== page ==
Devil’s Gullet: Terrifying Cliff Lookout

Devil’s Gullet is one of those places you avoid if you dislike heights!

After a long five months wait, we finally got another chance at reaching the Devil’s Gullet after our last failed attempt.

This time we decided to tackle the steep, windy mountain road in summer with the hope of avoiding the slippery, muddy and snow-covered road we tackled during winter.

We also wanted to avoid the ice-covered rock steps found along the walking trail that saw us dangerously close to a potentially hazardous slip.

Raised boardwalk through the Tasmanian alpine country
A boardwalk with views

Devil’s Gullet road

On our last attempt to reach the Devil’s Gullet, the icy snow-covered road created some extremely dangerous driving conditions and a highly stressful situation.

Thankfully, this time the warm summer weather had sorted out the slippery snow problem. But we soon found out that without a blanket of snow covering the terrain, the potholes and loose rocks became exposed.

Rocky mountain road with trees and ferns
The road!

These loose rocks create two issues.

One, they can be so thick that they roll under your tyres and you lose traction slightly. Not enough to lose control of your car at low speeds, but I wouldn’t recommend trying to break any land speed records.

The second issue is that it’s impossible to stop them flicking up and hitting your car, even at extremely slow speeds. The entire ascent was one big soundtrack of clinks and clunks as rocks bombarded the wheel arches and car panels.

Dust covered car with mountains in the distance
It’s dusty!

Overall though, the drive up was much less stressful in summer and without having to concentrate so hard on not dying, You get to enjoy more of the incredible views that this high mountain road has to offer.

Mountains covered with forest
Spectacular mountains

Hiking to the Devil’s Gullet

The 45-minute return track to the Devil’s Gullet starts with a short boardwalk section, that quickly turns into a set of stone steps curving up the hillside.

In summer, the steps are much safer, but they are rather big and steep. This quickly gets the heart pumping and the legs aching.

Rock stairs up the the mountain plateau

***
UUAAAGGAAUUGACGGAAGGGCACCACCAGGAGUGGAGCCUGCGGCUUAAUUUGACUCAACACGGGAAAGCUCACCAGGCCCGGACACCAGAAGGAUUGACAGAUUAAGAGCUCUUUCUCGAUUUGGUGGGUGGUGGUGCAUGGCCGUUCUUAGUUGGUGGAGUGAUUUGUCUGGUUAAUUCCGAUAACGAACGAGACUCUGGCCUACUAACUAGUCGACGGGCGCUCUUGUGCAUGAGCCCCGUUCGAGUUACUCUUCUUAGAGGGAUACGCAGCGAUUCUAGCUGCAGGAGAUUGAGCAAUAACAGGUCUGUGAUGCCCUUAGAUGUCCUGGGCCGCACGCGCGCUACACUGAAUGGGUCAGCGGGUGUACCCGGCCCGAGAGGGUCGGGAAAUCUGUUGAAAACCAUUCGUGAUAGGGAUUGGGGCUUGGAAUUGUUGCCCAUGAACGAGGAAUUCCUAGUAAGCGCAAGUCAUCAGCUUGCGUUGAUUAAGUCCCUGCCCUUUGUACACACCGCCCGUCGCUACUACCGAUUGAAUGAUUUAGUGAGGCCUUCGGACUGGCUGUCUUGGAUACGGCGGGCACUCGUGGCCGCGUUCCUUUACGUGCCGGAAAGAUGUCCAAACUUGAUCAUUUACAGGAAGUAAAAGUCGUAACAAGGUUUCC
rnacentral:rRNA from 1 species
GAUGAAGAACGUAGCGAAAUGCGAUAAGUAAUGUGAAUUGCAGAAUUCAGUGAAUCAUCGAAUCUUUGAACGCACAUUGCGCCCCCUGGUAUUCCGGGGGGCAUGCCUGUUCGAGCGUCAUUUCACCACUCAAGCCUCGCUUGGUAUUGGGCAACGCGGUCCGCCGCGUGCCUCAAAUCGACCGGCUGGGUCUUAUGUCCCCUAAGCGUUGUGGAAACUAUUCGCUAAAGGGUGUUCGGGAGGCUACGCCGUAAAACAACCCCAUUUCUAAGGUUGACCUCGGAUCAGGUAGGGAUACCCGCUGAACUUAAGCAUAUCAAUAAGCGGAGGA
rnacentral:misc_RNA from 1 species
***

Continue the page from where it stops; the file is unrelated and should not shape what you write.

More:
Stairway to the plateau

Luckily the steep climb doesn’t last for very long, and you quickly reach the plateau and flat land again.

The walking track to the lookout varies between boardwalks and rocky gravel pathways for most of the journey, which makes for relatively easy and safe footing for all ages. Just supervise any children so they don’t fall off the boardwalks.

Boardwalk through bushfire damaged trees
Regrowth on the bushfire damaged trees

The scenery along the walk is rather stark and haunting. Bushfire damaged trees dominate the rocky plateau with spots of bright green regrowth vibrantly standing out against the burned landscape.

The landscape has a very otherworldly feeling about it until you catch that tantalising glimpse through the tree of the views you’re about to experience.

Rocky canyon outcrop visible through the trees
A little glimpse of the canyon

Devil’s Gullet Lookout

The lookout is the main reason to visit.

Now, I’ll admit I have no head for heights. If it’s anything higher than myself, vertigo kicks in. The Devil’s Gullet lookout was no different.

Walking out onto the 220 metre high, see-through black mesh platform instantly put my subconscious into fear mode. I know the platform is sturdy and safe, but my brain didn’t care, and my legs started to tremble.

Panoramic vistas from the Devil's Gullet lookout
Panoramic vistas

On wobbly legs, I made my way out onto the platform to get photos for you lovely bunch reading this post, but I wanted nothing more than to get back onto the solid rock and enjoy the views.

Ronin, of course, made me feel extra silly by walking around the platform like nothing was out of the ordinary. Damn kids!

So the views. They are spectacular! And worth the fear, wobbly legs, dodgy roads and a short hike.

The lookout platform juts out over the rocky outcrop and gives you a stunning panoramic vistas of Tasmania’s central plateau.

From up here, you can see everything from glacial formed gorges, mountains ranges, alpine forests and plenty of raw nature.

Gorges carved out by ancient glaciers
Gorges carved out by ancient glaciers
mountains and trees in the distance
Mountains everywhere

Entry Price

Entry to Devil’s Gullet is free.

Opening Hours

Devil’s Gullet is open 24 hours.

Facilities

  • Car park

Location

Click to view map to Devil’s Gullet.

When To Visit

Devil’s Gullet can be visited year-round

Additional Information

  • We would recommend avoiding the Devil’s Gullet if you’re using a rental car. The road is also classified as a private road. Check your car rental clause
  • The nearest public toilets that we have discovered are located at Mole Creek, around a 40-minute drive away

Recommended Equipment

  • Wet weather gear
  • Warm clothing
  • Water
  • Food

Safety Advice

  • Weather can change quickly due to the high elevation
  • During winter the road can be slippery, muddy and icy. The rock steps on the walking trail can also be iced over and extremely slippery
  • Children will need to be supervised near the lookout. Only the platform is fenced. The rest is sheer cliff drop-offs

Conclusion

Devil’s Gullet is well worth a visit if you like lots of scenery. The view from the lookout is phenomenal!

Nearby Attractions

  • Mole Creek

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2 thoughts on “Devil’s Gullet: Terrifying Cliff Lookout”

  1. One for our next visit.
    Having survived the Western Explorer road, nothing will phase me; except maybe a healthy fear of heights.

    Reply

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